Lessons from Grandpa & Nature
By, Colton Jones
Fall is here and wildlife instincts are on full display. The bison of course have already forgone the rut, resulting in mature bulls and groups of mother cows putting sometimes miles of Great Plains between themselves and their older male counterparts. Whitetail and Mule Deer are on the cusp of a similar act, while female deer are foraging in small groups further away from their normal feeding grounds as grasses descend into a state of dormancy. Bucks are now congregating in bachelor groups that will soon break down to individuals violently sparing for an opportunity to stake claim to a territory and the breeding rights that come with it. Male Meadowlarks flutter from grass clump to grass clump, restating their breeding song that was ever so popular to mate seeking females in the spring. This is mostly in part to the similarities in photoperiods that spring and fall share. All things wild seemingly follow a manual written to proliferate each species’ existence.
I’ve always questioned the evolutionary strategy of human existence in contrast to our wild cohabitants. Although humans use an array of complicated mechanisms to achieve the ultimate goal of passing on one’s genetics to ensure the existence of a lineage, many of our strategies aren’t that different from those that can be observed in nature. Most animals fight, compete and love, but some behaviors that humans display contrast greatly to other species. I contribute this to a piece of the human anatomy that could also determine the fate of our future, the human brain.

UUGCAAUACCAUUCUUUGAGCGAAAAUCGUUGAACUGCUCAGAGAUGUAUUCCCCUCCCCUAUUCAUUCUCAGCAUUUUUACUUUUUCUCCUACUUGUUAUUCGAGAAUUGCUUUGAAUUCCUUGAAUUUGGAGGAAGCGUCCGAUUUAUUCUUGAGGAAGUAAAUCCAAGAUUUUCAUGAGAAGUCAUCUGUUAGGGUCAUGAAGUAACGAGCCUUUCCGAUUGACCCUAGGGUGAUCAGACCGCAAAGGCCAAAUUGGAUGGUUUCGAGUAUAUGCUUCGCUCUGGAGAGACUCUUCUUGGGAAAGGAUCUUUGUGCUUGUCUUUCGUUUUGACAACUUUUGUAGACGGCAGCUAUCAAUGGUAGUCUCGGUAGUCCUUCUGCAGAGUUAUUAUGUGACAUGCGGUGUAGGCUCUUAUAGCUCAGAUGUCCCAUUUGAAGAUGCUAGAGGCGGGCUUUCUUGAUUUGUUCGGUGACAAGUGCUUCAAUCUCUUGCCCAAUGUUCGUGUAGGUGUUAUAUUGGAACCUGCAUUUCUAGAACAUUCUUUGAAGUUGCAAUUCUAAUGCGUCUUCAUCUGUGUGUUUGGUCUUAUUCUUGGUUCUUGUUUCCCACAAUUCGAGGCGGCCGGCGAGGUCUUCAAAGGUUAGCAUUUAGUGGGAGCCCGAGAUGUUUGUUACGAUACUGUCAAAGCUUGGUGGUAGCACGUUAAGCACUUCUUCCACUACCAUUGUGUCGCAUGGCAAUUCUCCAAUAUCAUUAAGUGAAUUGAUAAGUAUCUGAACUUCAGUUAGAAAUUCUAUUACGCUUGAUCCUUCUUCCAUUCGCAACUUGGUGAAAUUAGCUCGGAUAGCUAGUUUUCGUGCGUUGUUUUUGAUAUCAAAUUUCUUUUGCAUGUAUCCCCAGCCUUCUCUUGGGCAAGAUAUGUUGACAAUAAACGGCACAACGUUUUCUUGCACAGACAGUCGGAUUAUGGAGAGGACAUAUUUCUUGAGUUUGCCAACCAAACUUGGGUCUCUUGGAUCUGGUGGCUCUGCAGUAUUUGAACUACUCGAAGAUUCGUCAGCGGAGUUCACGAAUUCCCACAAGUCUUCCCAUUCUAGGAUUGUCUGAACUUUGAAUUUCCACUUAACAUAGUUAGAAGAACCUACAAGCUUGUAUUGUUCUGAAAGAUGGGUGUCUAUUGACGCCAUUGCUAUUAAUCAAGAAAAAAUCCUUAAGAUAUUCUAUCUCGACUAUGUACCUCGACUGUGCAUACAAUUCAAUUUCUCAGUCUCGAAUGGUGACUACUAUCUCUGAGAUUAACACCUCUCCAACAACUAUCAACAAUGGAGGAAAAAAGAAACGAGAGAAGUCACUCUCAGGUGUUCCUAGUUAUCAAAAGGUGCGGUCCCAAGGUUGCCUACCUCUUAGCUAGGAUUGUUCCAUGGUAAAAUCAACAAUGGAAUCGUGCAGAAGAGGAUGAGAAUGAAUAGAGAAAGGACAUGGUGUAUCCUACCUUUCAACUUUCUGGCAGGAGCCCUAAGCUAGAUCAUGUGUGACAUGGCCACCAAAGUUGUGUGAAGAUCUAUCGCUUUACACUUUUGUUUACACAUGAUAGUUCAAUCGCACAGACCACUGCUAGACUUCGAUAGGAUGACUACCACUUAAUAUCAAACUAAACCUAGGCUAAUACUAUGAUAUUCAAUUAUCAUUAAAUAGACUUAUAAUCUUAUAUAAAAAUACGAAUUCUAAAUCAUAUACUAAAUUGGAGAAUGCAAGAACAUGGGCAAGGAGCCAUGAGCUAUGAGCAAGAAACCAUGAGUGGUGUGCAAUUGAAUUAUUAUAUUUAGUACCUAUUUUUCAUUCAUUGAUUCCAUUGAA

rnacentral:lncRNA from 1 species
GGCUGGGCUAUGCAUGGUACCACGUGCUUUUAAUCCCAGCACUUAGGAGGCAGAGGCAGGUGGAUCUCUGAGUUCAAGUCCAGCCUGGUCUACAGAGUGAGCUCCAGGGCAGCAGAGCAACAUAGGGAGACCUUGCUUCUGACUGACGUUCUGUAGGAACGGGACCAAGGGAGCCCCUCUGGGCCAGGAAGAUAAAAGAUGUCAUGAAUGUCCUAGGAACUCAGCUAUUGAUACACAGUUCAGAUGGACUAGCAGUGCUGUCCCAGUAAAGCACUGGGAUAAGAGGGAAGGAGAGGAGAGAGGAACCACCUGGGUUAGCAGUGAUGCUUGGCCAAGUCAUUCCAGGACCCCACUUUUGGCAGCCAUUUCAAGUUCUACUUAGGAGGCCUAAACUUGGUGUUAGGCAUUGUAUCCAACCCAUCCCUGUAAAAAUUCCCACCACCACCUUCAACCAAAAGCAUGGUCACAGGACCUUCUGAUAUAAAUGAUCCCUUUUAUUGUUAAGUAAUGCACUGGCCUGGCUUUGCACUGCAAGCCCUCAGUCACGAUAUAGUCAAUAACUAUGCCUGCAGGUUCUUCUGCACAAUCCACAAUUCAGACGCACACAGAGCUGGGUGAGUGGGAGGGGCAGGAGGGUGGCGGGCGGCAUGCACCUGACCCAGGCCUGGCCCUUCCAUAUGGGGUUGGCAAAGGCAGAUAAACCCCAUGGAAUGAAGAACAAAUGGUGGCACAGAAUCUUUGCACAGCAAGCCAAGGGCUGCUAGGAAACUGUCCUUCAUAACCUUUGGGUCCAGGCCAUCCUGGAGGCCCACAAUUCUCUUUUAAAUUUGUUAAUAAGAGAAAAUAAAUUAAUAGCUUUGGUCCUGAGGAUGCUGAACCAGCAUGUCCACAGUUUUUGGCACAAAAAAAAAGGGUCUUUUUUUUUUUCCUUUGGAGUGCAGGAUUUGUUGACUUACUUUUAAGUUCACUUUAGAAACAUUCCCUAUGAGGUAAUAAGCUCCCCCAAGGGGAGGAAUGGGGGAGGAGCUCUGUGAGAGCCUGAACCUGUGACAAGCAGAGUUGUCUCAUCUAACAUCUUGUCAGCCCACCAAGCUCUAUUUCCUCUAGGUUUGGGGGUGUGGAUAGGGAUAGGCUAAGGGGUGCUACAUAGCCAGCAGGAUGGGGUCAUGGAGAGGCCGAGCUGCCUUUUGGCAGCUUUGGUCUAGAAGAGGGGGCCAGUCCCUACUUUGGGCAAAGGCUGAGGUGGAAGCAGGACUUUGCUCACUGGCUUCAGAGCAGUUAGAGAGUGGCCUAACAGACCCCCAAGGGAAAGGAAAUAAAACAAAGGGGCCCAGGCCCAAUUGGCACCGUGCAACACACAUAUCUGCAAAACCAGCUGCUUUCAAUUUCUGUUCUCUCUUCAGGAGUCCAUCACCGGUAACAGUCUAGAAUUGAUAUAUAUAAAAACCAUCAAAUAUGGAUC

As humans, we fill our brains with unnecessary garbage and accept untruths and prejudices. We allow it to move us away from the symbiotic relationship we were to have with all of nature. I’ve always envied an animals' ability to move with it. Ever since my grandfather opened up the world of nature to me they have had an intelligence that has always seemed far superior.
Even before I was born, my grandfather has been a world-class horseman. I grew up watching him break colts, fix problematic horses with bad habits, and train many teams of horses used in marathon cart races. From a very young age, I would ride with my grandfather in a four cart around a two track that outlined the perimeter of his and grandma’s farm. It was this path that introduced me to a more simplified world that was made up of milling turkeys, grazing deer, howling coyotes, acrobatic tree swallows, and clouds of monarch butterflies. This was a morning ritual that grandpa followed so religiously that he and his team had become another fixture amongst the wildlife, which enabled us to stop and observe the local fauna in their native state.
We would sit there and watch Tom turkeys strut and gobble as they tried to seduce a group of hens. The world was quiet except the sounds of metal clanking from the horses’ bits being rolled in their mouth and the occasional moan from leather collars as the team shifted weight from leg to leg. I would grill him with questions about why wildlife displayed such odd behaviors. He always circled back to a common theme, “They need to create offspring so that their species can continue to fill their roll in the ecosystem.” To even a small boy, this made perfect sense.